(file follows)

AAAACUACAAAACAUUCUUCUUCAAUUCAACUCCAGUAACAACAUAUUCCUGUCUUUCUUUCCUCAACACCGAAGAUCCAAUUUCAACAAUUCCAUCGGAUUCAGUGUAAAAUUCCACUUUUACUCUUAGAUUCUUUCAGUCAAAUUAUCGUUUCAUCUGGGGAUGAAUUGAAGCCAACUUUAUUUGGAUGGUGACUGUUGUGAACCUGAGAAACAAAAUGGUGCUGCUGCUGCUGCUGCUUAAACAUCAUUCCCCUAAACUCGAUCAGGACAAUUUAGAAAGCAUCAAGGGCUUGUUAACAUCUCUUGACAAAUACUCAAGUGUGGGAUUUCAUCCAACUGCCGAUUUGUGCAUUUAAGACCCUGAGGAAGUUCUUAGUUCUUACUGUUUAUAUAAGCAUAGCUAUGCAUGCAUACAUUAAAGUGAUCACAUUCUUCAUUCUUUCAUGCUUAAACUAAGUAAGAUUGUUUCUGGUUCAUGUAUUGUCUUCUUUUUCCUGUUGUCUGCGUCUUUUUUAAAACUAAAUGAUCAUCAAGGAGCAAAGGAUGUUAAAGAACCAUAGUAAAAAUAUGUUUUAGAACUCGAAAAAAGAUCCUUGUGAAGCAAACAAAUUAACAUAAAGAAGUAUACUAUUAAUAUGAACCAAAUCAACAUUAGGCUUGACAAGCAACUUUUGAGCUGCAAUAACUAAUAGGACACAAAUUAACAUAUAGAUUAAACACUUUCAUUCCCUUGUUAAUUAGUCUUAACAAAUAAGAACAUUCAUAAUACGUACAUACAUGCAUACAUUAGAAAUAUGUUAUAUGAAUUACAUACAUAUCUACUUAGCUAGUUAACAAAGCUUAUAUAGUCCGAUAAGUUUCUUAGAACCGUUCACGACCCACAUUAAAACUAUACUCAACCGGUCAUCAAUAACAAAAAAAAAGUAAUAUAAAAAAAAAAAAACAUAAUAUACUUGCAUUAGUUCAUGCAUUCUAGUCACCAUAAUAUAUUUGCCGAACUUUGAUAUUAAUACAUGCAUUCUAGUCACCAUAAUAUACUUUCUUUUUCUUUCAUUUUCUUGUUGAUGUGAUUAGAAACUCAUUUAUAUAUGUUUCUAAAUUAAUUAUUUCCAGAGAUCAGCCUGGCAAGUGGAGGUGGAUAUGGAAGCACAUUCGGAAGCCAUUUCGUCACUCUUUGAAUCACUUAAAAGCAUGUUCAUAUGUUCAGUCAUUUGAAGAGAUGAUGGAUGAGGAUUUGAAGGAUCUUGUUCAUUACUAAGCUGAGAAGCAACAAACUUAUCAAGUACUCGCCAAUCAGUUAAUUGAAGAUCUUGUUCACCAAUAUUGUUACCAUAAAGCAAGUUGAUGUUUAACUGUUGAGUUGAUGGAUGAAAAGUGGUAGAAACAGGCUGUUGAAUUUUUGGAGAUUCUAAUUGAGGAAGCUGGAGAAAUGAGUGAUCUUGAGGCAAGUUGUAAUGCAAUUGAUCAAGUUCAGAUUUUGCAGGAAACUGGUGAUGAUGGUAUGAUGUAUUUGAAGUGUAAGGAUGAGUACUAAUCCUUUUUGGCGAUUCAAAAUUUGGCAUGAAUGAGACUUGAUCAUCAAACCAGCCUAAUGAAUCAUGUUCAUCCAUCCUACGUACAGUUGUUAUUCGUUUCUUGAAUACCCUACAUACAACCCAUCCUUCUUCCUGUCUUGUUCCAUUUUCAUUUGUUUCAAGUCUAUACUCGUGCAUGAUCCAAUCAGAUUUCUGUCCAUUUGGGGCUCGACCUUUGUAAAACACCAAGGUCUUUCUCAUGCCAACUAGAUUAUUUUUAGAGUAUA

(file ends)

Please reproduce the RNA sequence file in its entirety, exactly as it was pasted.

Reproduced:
AAAACUACAAAACAUUCUUCUUCAAUUCAACUCCAGUAACAACAUAUUCCUGUCUUUCUUUCCUCAACACCGAAGAUCCAAUUUCAACAAUUCCAUCGGAUUCAGUGUAAAAUUCCACUUUUACUCUUAGAUUCUUUCAGUCAAAUUAUCGUUUCAUCUGGGGAUGAAUUGAAGCCAACUUUAUUUGGAUGGUGACUGUUGUGAACCUGAGAAACAAAAUGGUGCUGCUGCUGCUGCUGCUUAAACAUCAUUCCCCUAAACUCGAUCAGGACAAUUUAGAAAGCAUCAAGGGCUUGUUAACAUCUCUUGACAAAUACUCAAGUGUGGGAUUUCAUCCAACUGCCGAUUUGUGCAUUUAAGACCCUGAGGAAGUUCUUAGUUCUUACUGUUUAUAUAAGCAUAGCUAUGCAUGCAUACAUUAAAGUGAUCACAUUCUUCAUUCUUUCAUGCUUAAACUAAGUAAGAUUGUUUCUGGUUCAUGUAUUGUCUUCUUUUUCCUGUUGUCUGCGUCUUUUUUAAAACUAAAUGAUCAUCAAGGAGCAAAGGAUGUUAAAGAACCAUAGUAAAAAUAUGUUUUAGAACUCGAAAAAAGAUCCUUGUGAAGCAAACAAAUUAACAUAAAGAAGUAUACUAUUAAUAUGAACCAAAUCAACAUUAGGCUUGACAAGCAACUUUUGAGCUGCAAUAACUAAUAGGACACAAAUUAACAUAUAGAUUAAACACUUUCAUUCCCUUGUUAAUUAGUCUUAACAAAUAAGAACAUUCAUAAUACGUACAUACAUGCAUACAUUAGAAAUAUGUUAUAUGAAUUACAUACAUAUCUACUUAGCUAGUUAACAAAGCUUAUAUAGUCCGAUAAGUUUCUUAGAACCGUUCACGACCCACAUUAAAACUAUACUCAACCGGUCAUCAAUAACAAAAAAAAAGUAAUAUAAAAAAAAAAAAACAUAAUAUACUUGCAUUAGUUCAUGCAUUCUAGUCACCAUAAUAUAUUUGCCGAACUUUGAUAUUAAUACAUGCAUUCUAGUCACCAUAAUAUACUUUCUUUUUCUUUCAUUUUCUUGUUGAUGUGAUUAGAAACUCAUUUAUAUAUGUUUCUAAAUUAAUUAUUUCCAGAGAUCAGCCUGGCAAGUGGAGGUGGAUAUGGAAGCACAUUCGGAAGCCAUUUCGUCACUCUUUGAAUCACUUAAAAGCAUGUUCAUAUGUUCAGUCAUUUGAAGAGAUGAUGGAUGAGGAUUUGAAGGAUCUUGUUCAUUACUAAGCUGAGAAGCAACAAACUUAUCAAGUACUCGCCAAUCAGUUAAUUGAAGAUCUUGUUCACCAAUAUUGUUACCAUAAAGCAAGUUGAUGUUUAACUGUUGAGUUGAUGGAUGAAAAGUGGUAGAAACAGGCUGUUGAAUUUUUGGAGAUUCUAAUUGAGGAAGCUGGAGAAAUGAGUGAUCUUGAGGCAAGUUGUAAUGCAAUUGAUCAAGUUCAGAUUUUGCAGGAAACUGGUGAUGAUGGUAUGAUGUAUUUGAAGUGUAAGGAUGAGUACUAAUCCUUUUUGGCGAUUCAAAAUUUGGCAUGAAUGAGACUUGAUCAUCAAACCAGCCUAAUGAAUCAUGUUCAUCCAUCCUACGUACAGUUGUUAUUCGUUUCUUGAAUACCCUACAUACAACCCAUCCUUCUUCCUGUCUUGUUCCAUUUUCAUUUGUUUCAAGUCUAUACUCGUGCAUGAUCCAAUCAGAUUUCUGUCCAUUUGGGGCUCGACCUUUGUAAAACACCAAGGUCUUUCUCAUGCCAACUAGAUUAUUUUUAGAGUAUA